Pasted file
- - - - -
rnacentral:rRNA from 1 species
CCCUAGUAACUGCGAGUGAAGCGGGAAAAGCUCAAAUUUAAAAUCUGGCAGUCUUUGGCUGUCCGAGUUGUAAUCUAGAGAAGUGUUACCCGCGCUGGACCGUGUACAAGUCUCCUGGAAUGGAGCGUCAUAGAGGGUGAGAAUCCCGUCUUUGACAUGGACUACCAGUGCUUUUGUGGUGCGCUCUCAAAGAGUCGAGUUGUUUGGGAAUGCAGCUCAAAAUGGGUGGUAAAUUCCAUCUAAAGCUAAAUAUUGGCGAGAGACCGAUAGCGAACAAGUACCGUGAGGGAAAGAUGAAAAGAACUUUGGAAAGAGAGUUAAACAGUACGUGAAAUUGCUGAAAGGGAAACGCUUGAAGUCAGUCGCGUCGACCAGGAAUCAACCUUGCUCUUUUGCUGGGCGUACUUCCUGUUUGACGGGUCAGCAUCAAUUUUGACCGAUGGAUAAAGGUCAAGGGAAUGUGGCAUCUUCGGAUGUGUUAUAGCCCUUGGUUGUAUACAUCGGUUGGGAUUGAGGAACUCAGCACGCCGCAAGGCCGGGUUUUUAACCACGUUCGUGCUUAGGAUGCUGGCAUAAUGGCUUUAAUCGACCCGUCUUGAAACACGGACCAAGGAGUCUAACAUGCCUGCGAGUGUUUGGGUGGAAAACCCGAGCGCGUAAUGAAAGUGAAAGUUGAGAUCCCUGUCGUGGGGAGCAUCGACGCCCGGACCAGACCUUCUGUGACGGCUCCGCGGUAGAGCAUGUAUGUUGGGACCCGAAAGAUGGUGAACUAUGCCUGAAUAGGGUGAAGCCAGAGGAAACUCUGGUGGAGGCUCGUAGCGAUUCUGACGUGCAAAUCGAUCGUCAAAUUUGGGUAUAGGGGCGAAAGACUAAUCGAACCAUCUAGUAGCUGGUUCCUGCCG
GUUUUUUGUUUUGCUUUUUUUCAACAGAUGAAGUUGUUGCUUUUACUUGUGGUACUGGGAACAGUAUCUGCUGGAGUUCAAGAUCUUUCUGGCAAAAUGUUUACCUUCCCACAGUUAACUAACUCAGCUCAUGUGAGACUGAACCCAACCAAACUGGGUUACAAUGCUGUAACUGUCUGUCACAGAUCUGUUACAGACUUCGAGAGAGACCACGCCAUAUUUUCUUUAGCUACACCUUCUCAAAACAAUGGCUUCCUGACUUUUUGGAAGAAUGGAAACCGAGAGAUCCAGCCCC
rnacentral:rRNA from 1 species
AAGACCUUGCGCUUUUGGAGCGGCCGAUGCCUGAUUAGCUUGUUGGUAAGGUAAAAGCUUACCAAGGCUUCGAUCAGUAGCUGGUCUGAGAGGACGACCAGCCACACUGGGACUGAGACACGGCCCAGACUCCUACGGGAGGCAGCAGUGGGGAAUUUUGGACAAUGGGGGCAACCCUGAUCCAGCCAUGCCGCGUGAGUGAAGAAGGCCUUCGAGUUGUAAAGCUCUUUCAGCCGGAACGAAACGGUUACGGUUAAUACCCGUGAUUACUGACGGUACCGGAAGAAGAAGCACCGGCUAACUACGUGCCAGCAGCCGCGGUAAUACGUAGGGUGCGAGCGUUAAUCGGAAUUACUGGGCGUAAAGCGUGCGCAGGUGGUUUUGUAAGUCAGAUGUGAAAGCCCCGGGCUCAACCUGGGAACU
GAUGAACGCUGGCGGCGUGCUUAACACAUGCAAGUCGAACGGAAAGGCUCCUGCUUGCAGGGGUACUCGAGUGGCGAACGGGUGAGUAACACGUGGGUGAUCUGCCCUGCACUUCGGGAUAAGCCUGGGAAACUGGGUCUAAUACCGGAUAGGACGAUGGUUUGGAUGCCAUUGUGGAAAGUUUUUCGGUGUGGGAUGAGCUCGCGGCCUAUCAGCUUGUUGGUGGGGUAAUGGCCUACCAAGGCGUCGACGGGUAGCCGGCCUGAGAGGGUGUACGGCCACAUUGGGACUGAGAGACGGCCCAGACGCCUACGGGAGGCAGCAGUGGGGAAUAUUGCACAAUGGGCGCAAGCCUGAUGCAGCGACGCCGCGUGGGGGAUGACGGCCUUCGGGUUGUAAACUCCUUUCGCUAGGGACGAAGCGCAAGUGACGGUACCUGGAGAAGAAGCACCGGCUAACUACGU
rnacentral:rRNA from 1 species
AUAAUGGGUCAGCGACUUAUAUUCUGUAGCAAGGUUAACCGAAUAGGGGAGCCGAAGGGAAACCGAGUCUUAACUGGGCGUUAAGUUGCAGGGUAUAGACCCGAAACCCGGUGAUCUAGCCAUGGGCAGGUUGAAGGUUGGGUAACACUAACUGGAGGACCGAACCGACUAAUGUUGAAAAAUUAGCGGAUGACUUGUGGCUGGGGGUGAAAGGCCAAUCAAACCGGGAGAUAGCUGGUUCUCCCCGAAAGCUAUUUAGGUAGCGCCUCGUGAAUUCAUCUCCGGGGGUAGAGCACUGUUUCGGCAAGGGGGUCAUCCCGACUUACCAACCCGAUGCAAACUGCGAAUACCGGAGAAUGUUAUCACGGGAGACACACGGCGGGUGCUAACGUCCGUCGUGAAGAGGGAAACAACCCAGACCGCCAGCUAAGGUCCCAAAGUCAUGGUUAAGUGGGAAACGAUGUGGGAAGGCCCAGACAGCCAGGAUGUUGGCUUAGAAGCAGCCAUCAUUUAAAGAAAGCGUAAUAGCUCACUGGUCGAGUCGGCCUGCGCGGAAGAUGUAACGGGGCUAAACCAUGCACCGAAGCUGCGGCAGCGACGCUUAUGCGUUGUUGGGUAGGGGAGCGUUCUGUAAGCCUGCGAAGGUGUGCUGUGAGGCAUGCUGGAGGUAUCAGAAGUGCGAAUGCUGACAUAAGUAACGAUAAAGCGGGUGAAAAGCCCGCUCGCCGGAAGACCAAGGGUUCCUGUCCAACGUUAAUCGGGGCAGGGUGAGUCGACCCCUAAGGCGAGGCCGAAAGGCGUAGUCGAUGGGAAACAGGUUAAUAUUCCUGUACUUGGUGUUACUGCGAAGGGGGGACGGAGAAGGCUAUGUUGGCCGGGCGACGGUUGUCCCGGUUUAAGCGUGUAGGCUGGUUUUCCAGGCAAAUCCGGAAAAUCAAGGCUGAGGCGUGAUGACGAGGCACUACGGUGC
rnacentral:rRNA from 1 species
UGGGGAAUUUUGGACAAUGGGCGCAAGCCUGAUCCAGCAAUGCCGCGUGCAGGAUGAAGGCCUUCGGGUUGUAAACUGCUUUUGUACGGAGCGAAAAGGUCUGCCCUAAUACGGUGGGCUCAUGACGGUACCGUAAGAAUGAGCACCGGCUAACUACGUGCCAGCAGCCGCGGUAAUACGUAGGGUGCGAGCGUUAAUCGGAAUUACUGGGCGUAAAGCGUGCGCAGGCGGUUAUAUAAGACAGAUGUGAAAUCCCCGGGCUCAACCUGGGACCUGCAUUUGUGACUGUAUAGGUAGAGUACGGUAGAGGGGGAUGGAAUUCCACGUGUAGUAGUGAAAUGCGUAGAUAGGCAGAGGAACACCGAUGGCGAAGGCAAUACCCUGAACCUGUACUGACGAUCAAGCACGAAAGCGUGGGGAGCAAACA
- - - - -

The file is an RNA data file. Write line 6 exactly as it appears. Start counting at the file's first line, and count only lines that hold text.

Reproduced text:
GAUGAACGCUGGCGGCGUGCUUAACACAUGCAAGUCGAACGGAAAGGCUCCUGCUUGCAGGGGUACUCGAGUGGCGAACGGGUGAGUAACACGUGGGUGAUCUGCCCUGCACUUCGGGAUAAGCCUGGGAAACUGGGUCUAAUACCGGAUAGGACGAUGGUUUGGAUGCCAUUGUGGAAAGUUUUUCGGUGUGGGAUGAGCUCGCGGCCUAUCAGCUUGUUGGUGGGGUAAUGGCCUACCAAGGCGUCGACGGGUAGCCGGCCUGAGAGGGUGUACGGCCACAUUGGGACUGAGAGACGGCCCAGACGCCUACGGGAGGCAGCAGUGGGGAAUAUUGCACAAUGGGCGCAAGCCUGAUGCAGCGACGCCGCGUGGGGGAUGACGGCCUUCGGGUUGUAAACUCCUUUCGCUAGGGACGAAGCGCAAGUGACGGUACCUGGAGAAGAAGCACCGGCUAACUACGU